Permission to Engage

Estimated Read Time: 3 Minutes

Why you should be happy with Apple’s new privacy measures

The mobile apps industry has been abuzz for the past year with regards to application permissions and privacy. Changes that Apple made to its iOS 14 mobile operating system include raising the bar for applications that wish to access sensitive customer data and highlighting the disclosures of the apps’ privacy practices. These represent some of the most far-reaching changes this industry has experienced with regards to privacy protections for mobile users.

Apple Trophy for Privacy

By introducing these changes, Apples appears to be assuming the mantle of ‘champion of the people’ when it comes to consumer privacy, perhaps seeming to forget its recent role in enabling the abusers of privacy. Most noticeable is the new permission request for an app to track users online using the infamous IDFA (Identifier for Advertisers). By forcing apps to openly declare their intentions, Apple is undoubtedly leading to the demise of the IDFA, though It’s hard to feel sorry about apps losing the ability to silently track users’ every online move.

Perhaps the most radical change is the new policy regarding disclosures of App Privacy Practices (although requiring that an app declare its intentions before it is downloaded is simply common sense). Apps must, as of Dec. 8, 2020, post on their App Store page:

  • The nature of the data they are accessing
  • Whether they are collecting that data
  • Whether that data can be directly linked to the user or can be used for tracking
  • Whether they are sharing it with a 3rd party 
  • And, obviously, what they intend to do with it. 

Mobile App Disclosures Needed

Put these all together and the result is that Apple (with Google expected to eventually follow) are shutting the gate on applications that are collecting sensitive data without necessarily getting permissions, or perhaps by getting permissions based on vague requests.


Who’s afraid of permissions?

So what does this mean for an application that simply wants to provide mobile engagement and a better User Experience through personalization? Actually, not much (if you are doing it right). We believe that to be able to offer a personal service:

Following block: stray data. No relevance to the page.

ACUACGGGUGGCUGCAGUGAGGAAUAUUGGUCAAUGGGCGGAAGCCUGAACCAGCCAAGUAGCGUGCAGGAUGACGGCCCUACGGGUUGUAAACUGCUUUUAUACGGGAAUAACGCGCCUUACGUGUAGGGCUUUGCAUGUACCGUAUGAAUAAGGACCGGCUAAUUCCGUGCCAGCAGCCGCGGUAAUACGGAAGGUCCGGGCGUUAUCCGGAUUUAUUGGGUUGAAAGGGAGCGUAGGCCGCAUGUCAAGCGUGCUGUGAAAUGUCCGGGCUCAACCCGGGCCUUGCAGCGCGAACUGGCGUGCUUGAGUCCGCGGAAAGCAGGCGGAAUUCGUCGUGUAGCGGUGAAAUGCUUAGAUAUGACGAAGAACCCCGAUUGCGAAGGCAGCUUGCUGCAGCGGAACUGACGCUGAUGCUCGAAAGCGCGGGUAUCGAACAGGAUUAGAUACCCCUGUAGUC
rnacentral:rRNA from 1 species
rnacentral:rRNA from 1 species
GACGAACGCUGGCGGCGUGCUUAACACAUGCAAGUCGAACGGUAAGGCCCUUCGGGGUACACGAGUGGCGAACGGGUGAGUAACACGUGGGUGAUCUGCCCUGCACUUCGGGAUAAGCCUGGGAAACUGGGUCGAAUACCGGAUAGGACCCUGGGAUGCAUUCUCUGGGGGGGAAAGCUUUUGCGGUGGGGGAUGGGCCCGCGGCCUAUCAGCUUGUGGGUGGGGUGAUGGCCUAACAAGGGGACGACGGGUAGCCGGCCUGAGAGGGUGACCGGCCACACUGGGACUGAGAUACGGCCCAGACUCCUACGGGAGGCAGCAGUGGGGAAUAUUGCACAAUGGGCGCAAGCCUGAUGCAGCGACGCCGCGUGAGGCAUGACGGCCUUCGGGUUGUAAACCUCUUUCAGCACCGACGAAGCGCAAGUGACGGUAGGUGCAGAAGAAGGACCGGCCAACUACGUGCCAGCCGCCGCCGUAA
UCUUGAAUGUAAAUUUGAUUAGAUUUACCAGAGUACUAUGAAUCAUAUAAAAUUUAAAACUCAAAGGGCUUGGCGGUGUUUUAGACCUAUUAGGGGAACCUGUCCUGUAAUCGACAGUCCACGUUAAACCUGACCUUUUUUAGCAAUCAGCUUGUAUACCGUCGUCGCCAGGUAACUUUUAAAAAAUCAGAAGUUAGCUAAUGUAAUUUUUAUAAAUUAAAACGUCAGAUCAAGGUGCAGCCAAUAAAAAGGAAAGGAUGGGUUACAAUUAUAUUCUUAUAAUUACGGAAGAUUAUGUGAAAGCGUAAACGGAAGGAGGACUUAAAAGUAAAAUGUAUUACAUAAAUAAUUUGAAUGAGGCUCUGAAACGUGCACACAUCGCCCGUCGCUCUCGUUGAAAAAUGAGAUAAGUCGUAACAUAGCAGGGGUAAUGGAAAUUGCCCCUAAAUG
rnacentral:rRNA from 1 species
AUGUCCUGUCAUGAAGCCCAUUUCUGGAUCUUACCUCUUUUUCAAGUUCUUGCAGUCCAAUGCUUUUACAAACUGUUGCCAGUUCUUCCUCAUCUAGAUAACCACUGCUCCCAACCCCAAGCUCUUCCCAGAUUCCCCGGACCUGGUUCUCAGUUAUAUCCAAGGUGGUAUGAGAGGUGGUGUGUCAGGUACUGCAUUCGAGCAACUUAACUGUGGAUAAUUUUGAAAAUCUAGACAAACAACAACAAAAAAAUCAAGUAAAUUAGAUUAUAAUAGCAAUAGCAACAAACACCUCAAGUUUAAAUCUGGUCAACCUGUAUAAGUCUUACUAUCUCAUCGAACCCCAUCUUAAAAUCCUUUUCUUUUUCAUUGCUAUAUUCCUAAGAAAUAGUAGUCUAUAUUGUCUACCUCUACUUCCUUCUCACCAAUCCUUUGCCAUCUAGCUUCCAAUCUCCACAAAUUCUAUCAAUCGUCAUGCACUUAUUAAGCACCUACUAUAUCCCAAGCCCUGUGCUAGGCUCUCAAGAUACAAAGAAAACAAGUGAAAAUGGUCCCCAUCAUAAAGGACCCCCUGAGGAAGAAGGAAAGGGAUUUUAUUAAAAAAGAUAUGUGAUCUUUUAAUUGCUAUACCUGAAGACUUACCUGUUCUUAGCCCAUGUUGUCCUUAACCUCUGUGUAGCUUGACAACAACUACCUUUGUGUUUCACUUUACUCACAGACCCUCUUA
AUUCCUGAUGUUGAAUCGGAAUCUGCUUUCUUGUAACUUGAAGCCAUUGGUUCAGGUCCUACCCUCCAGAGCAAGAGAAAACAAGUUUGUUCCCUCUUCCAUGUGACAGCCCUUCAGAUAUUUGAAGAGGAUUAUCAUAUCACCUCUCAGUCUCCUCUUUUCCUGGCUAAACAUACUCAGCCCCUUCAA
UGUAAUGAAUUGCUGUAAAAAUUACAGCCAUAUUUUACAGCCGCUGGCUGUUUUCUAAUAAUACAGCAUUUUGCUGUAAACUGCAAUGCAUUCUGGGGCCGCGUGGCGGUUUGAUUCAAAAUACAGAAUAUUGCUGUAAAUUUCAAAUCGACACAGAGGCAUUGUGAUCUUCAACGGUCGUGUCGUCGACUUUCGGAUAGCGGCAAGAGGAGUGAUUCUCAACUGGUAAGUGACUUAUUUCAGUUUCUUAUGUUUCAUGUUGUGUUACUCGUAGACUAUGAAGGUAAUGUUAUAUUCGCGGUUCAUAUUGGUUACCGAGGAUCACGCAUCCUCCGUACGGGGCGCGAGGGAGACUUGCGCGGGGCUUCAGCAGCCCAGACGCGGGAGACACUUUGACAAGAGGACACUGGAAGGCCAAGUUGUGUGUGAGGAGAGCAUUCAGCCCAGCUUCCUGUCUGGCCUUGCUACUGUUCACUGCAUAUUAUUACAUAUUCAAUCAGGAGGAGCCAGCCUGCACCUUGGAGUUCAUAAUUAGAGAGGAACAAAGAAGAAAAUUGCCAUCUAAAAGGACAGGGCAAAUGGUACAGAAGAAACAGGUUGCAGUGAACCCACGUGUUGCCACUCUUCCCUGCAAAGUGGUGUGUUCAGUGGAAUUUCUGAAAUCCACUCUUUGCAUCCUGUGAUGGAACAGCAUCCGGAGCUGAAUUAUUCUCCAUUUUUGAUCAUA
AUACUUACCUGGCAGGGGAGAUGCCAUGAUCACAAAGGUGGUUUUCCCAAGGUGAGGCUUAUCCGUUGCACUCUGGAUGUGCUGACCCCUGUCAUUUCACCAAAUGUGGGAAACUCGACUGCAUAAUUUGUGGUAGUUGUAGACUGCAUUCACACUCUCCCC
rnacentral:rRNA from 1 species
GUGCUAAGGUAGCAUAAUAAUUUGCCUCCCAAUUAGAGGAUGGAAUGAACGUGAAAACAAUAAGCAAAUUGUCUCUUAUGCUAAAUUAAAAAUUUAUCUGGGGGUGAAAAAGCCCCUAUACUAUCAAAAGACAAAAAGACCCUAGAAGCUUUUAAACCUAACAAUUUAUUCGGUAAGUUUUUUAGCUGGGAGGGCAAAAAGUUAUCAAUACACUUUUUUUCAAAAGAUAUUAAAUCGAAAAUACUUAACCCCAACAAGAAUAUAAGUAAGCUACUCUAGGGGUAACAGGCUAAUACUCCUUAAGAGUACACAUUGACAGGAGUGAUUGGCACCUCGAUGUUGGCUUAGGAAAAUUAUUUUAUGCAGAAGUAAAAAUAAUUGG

• It is not necessary to collect the user’s data
  • It is not necessary to link it to a specific user
  • It is not necessary to share it with any 3rd party
  • And it is not necessary to hide that you want to use it for an improved User Experience (most consumers these days get that).


“How?” You may ask…

The JedAI Way to Gain App Permissions

By keeping the data on the device. By separating the campaign from the users it is targeting. And by clearly and transparently communicating to your customers the reason you are requesting their permission. In short, the JedAI way.

Instead of worrying about how you should handle and protect your users’ data, leave it where it is, and concentrate on defining your ideal audience. Instead of checking where your users are at any given moment, concentrate on choosing when you would like to engage them. Let the device understand which campaigns are relevant and when they should be triggered. Give users their personalized engagement without forcing them to give up their anonymity.

Who wouldn’t give you permission for that?

For more information on the JedAI Product Suite, click here.

To learn more about how Anagog’s solutions can increase transparency and eliminate the need to collect private information, contact us